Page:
Wednesday, December 17, 2008

Christmas Reflection

If you’re like me, your holiday schedule is full. Cards to send, presents to wrap, a tree to trim and a home to decorate make this, as the song says, “the busiest time of the year.”

In spite of the hustle and bustle and “to do” lists that never seem to end, let’s take a moment to look back over the past year and reflect on what we’ve learned.

Here are a few of my thoughts:

●Writing inspirational stories about God’s love and mercy is a ministry, yet I am always called to do more. The world is hurting, and I must never fail to help those in need.

●Before I begin a new story, I must have a clear picture of how it will unfold. Like a puzzle, the pieces need to fit. At the onset, the characters and plot twists and red herrings and surprise ending are scattered about helter-skelter. But when placed within the framework of the story, the pieces come together as a whole. Only then am I able to start writing.

●Balance is important. As much as I love to write, I also need time away from the writing to renew my spirit so the work remains a joy instead of a burden.

● Work expands to fill the time available. If I have a lot of time to spend on a project, I’ll use lots of time. When I’m under a short deadline, I manage to complete the task quickly.

●Deadlines keep me focused and on task.

●Pausing to celebrate the completion of one project allows me to anticipate the start of the next.

●Category books can be excellent writing tools. The short word count requires me to focus on the important aspects of the story while discarding any tangents that may slow the pace or detract from the main storyline.

●In order to be compelling, characters must be flawed. Readers identify with handicaps and cheer on a hero or heroine who struggles to overcome seemingly overwhelming obstacles.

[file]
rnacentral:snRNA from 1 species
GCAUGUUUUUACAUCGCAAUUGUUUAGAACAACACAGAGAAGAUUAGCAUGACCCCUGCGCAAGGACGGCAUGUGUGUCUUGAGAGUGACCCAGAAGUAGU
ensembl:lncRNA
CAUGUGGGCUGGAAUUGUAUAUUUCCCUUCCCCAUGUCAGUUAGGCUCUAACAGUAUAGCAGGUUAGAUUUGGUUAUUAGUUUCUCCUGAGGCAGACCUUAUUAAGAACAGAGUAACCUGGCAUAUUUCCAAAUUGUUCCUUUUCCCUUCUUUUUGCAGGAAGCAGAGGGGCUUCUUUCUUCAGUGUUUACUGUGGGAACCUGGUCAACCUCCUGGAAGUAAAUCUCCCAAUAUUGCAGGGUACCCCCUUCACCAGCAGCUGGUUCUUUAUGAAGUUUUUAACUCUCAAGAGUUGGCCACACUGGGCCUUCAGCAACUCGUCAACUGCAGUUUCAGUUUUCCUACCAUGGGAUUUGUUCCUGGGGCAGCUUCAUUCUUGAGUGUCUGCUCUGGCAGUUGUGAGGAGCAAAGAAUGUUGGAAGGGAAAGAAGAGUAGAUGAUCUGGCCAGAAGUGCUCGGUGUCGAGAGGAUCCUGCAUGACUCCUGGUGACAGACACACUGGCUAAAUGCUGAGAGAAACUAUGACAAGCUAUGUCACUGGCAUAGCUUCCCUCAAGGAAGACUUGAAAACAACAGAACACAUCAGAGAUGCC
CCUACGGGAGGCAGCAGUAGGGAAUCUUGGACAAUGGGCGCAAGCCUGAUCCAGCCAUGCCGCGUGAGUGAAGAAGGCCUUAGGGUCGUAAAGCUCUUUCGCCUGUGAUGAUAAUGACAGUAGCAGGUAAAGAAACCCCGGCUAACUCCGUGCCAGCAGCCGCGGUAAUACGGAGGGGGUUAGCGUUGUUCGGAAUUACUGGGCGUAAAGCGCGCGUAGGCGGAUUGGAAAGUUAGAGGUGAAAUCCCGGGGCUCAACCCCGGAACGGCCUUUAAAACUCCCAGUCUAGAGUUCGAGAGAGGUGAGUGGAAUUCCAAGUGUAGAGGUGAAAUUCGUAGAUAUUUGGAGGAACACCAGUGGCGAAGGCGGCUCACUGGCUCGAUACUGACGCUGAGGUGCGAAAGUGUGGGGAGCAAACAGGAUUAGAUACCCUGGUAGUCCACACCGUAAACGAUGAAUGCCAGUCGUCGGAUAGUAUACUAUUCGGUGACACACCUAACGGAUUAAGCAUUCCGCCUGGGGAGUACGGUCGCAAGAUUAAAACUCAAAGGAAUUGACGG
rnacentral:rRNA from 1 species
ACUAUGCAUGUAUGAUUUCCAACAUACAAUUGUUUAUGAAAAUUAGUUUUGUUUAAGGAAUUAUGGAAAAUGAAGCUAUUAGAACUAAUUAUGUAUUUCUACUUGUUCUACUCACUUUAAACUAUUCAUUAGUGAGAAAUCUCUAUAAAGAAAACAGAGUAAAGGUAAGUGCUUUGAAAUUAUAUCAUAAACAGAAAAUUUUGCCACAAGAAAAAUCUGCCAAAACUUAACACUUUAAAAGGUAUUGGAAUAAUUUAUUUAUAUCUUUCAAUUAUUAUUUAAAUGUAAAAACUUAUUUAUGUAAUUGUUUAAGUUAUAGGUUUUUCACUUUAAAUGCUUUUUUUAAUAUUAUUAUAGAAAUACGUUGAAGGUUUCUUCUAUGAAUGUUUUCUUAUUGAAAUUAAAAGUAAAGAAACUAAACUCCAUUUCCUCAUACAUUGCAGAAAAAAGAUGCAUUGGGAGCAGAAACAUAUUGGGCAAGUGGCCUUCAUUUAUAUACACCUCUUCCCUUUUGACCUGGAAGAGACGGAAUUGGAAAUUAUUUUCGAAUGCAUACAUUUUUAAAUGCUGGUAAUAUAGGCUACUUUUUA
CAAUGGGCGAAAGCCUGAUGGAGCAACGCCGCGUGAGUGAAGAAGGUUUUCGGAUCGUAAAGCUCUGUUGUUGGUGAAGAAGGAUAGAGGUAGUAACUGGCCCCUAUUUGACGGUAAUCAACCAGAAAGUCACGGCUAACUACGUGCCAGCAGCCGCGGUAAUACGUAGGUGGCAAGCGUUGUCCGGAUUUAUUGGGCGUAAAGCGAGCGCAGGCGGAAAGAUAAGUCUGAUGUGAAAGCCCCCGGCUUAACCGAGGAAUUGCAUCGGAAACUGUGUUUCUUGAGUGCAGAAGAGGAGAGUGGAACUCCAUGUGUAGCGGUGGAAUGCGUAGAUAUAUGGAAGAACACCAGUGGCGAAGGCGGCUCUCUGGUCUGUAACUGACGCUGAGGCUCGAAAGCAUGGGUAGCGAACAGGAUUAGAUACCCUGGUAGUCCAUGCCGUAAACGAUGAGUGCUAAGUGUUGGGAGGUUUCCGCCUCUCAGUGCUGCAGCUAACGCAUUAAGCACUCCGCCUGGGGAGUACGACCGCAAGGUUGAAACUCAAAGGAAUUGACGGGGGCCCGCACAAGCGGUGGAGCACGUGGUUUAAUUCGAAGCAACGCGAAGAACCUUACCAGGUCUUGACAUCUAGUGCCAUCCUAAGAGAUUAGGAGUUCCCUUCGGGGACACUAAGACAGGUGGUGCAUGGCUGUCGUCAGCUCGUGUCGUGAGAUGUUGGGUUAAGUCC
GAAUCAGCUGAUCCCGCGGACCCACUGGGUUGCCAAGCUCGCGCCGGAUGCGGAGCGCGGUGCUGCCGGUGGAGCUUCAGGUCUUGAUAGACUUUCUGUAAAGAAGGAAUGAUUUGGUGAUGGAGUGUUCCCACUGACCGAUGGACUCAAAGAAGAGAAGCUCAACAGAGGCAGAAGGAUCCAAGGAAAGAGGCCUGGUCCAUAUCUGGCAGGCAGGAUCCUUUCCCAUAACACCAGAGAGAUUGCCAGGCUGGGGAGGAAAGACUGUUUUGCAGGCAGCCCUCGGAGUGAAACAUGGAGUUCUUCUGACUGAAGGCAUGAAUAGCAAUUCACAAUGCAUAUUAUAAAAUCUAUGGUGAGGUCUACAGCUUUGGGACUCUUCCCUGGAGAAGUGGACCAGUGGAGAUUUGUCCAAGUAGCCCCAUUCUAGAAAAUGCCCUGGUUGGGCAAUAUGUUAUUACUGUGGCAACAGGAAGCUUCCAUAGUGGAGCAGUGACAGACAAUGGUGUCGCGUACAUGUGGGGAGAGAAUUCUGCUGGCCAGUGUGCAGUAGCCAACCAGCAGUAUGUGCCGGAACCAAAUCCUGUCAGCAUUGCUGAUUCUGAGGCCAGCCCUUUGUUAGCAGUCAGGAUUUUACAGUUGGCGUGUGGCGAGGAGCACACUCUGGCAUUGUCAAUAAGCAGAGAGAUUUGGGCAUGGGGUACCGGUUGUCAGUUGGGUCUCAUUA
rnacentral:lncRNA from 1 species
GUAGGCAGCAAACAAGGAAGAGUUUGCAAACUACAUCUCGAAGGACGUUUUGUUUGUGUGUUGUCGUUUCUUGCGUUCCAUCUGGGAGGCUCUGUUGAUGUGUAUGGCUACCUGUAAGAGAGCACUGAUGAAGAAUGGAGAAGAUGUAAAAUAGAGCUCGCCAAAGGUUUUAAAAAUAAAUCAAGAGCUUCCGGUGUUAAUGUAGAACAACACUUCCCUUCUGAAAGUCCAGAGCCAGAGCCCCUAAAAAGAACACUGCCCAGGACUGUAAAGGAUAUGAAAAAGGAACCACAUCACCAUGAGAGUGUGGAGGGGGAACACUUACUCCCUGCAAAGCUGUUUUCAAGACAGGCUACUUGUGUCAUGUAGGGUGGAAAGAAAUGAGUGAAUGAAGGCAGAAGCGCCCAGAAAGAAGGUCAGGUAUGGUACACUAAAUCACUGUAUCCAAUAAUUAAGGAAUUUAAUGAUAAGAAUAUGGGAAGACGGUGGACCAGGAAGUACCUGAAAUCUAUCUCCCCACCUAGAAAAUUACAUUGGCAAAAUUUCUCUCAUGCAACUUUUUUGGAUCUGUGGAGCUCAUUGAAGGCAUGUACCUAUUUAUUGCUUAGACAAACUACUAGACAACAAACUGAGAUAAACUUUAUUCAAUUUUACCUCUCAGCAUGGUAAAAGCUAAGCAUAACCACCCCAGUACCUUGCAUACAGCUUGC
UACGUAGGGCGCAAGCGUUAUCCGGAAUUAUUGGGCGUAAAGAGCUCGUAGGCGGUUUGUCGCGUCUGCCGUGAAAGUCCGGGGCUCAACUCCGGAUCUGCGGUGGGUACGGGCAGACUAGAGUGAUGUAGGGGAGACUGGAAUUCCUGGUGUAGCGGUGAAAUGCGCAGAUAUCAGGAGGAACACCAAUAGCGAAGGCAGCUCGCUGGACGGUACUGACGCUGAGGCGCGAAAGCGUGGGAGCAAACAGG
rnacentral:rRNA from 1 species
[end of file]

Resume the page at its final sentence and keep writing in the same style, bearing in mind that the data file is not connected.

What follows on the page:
●I can’t do everything; therefore, I must use my time wisely.

●Being able to say “no” is an important lesson to learn, sometimes more important than saying, “Yes.”

●Marketing takes time, and as stated above, I can’t do everything. The secret is to start with a few manageable tasks, then add new promotional strategies when time permits.

●Set priorities. God and family come fist. Looking back, I realize my “Call” came at the perfect time, after my children had grown when I could focus full time on my writing.

Think back over what you’ve learned this past year and share a tip or two that might help the rest of us.

As we countdown to Christmas let’s take time from our busyness to prepare our hearts as well as our homes. Only then will we be filled with eager anticipation and overwhelming gratitude for the gift of a baby wrapped in swaddling clothes and lying in a manger.

Live in the moment. Be grateful. Cherish time spent with friends and family. Pause to talk with God daily. And rejoice because a Savior is born.

Wishing you a joyous Christmas and abundant blessings in the New Year,
Debby Giusti


Pamela J said...

My most important lesson this year may be that I can't do it all. You may have heard of someone "dropping the ball"? Well, that's been me and I used to have many balls. Lots of them got dropped at one point or another, some have never gotten picked up. I am trying to be more selective though my house still gets set aside some. Not so good, especially since I have company in less than two weeks now.
You have a great list of lessons! I better read down through them again, sometimes it's easier and faster if I learn from someone else rather than all the hard way (me doing them all wrong myself)
Pam Williams
cepjwms at yahoo dot com

luv2read said...

Those were good reminders. I have tried to remember to Keep the Main Thing the Main Thing. Enter me in the drawing for the month. I would love to be introduced to some new mystery writers.